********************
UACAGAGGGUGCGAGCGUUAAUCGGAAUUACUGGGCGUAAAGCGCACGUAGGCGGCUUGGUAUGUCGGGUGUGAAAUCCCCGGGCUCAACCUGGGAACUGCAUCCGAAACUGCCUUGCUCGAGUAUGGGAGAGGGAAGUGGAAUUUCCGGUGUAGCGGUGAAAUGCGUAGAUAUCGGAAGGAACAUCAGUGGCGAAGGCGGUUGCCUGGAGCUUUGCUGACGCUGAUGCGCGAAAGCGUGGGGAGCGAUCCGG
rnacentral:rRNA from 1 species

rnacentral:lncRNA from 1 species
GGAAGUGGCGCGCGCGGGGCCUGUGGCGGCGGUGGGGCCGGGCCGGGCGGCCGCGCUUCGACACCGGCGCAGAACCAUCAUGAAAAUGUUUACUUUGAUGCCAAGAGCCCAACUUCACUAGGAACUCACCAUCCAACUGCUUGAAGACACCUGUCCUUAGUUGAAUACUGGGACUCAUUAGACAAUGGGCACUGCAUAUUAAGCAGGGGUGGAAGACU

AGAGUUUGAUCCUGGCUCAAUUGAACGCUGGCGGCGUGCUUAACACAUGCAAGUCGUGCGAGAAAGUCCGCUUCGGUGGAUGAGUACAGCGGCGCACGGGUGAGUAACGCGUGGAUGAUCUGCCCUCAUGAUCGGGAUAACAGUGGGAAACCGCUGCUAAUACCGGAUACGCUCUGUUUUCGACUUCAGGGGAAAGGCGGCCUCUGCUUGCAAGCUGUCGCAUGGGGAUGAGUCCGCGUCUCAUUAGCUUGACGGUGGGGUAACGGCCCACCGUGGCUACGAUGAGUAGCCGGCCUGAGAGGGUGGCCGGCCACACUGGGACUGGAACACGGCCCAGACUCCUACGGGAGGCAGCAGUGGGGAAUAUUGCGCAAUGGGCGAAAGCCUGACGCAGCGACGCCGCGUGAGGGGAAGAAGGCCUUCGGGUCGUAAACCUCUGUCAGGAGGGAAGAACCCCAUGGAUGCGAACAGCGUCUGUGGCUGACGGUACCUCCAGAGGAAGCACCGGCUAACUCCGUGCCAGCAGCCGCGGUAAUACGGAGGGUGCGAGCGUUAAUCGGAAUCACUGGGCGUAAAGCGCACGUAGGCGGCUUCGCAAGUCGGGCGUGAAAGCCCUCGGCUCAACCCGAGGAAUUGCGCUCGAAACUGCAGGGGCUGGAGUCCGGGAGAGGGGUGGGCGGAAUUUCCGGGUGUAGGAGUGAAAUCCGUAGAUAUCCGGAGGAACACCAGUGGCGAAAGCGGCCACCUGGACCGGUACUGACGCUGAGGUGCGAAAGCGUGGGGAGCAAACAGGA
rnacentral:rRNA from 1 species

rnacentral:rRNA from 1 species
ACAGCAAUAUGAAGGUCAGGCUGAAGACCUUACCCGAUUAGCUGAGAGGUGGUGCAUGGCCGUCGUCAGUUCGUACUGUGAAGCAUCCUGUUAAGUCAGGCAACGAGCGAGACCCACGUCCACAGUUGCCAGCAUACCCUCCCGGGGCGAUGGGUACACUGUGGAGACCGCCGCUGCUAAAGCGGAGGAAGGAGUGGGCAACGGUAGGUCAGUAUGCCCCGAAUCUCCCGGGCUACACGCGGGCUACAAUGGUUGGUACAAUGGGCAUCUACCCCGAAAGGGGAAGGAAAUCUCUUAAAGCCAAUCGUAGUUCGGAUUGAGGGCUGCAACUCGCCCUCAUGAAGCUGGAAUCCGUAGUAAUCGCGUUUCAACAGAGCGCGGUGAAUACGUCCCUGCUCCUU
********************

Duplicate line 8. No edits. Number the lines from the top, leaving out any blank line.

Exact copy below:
ACAGCAAUAUGAAGGUCAGGCUGAAGACCUUACCCGAUUAGCUGAGAGGUGGUGCAUGGCCGUCGUCAGUUCGUACUGUGAAGCAUCCUGUUAAGUCAGGCAACGAGCGAGACCCACGUCCACAGUUGCCAGCAUACCCUCCCGGGGCGAUGGGUACACUGUGGAGACCGCCGCUGCUAAAGCGGAGGAAGGAGUGGGCAACGGUAGGUCAGUAUGCCCCGAAUCUCCCGGGCUACACGCGGGCUACAAUGGUUGGUACAAUGGGCAUCUACCCCGAAAGGGGAAGGAAAUCUCUUAAAGCCAAUCGUAGUUCGGAUUGAGGGCUGCAACUCGCCCUCAUGAAGCUGGAAUCCGUAGUAAUCGCGUUUCAACAGAGCGCGGUGAAUACGUCCCUGCUCCUU